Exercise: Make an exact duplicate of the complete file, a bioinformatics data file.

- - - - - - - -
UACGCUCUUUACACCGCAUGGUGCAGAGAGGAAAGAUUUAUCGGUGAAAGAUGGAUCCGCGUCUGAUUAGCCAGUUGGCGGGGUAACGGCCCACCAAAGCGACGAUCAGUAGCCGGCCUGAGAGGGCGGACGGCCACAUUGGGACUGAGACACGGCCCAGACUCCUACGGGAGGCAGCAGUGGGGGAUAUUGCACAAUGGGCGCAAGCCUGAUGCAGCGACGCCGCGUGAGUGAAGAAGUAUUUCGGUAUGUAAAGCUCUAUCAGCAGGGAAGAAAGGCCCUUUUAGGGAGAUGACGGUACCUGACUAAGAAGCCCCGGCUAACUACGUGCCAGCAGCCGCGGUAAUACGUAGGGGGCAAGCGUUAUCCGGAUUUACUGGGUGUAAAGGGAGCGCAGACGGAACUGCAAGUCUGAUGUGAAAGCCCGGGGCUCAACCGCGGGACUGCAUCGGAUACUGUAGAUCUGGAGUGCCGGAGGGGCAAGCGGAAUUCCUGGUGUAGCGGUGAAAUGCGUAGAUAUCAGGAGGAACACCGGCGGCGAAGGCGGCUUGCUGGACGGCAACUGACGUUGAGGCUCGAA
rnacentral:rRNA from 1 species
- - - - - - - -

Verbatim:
UACGCUCUUUACACCGCAUGGUGCAGAGAGGAAAGAUUUAUCGGUGAAAGAUGGAUCCGCGUCUGAUUAGCCAGUUGGCGGGGUAACGGCCCACCAAAGCGACGAUCAGUAGCCGGCCUGAGAGGGCGGACGGCCACAUUGGGACUGAGACACGGCCCAGACUCCUACGGGAGGCAGCAGUGGGGGAUAUUGCACAAUGGGCGCAAGCCUGAUGCAGCGACGCCGCGUGAGUGAAGAAGUAUUUCGGUAUGUAAAGCUCUAUCAGCAGGGAAGAAAGGCCCUUUUAGGGAGAUGACGGUACCUGACUAAGAAGCCCCGGCUAACUACGUGCCAGCAGCCGCGGUAAUACGUAGGGGGCAAGCGUUAUCCGGAUUUACUGGGUGUAAAGGGAGCGCAGACGGAACUGCAAGUCUGAUGUGAAAGCCCGGGGCUCAACCGCGGGACUGCAUCGGAUACUGUAGAUCUGGAGUGCCGGAGGGGCAAGCGGAAUUCCUGGUGUAGCGGUGAAAUGCGUAGAUAUCAGGAGGAACACCGGCGGCGAAGGCGGCUUGCUGGACGGCAACUGACGUUGAGGCUCGAA
rnacentral:rRNA from 1 species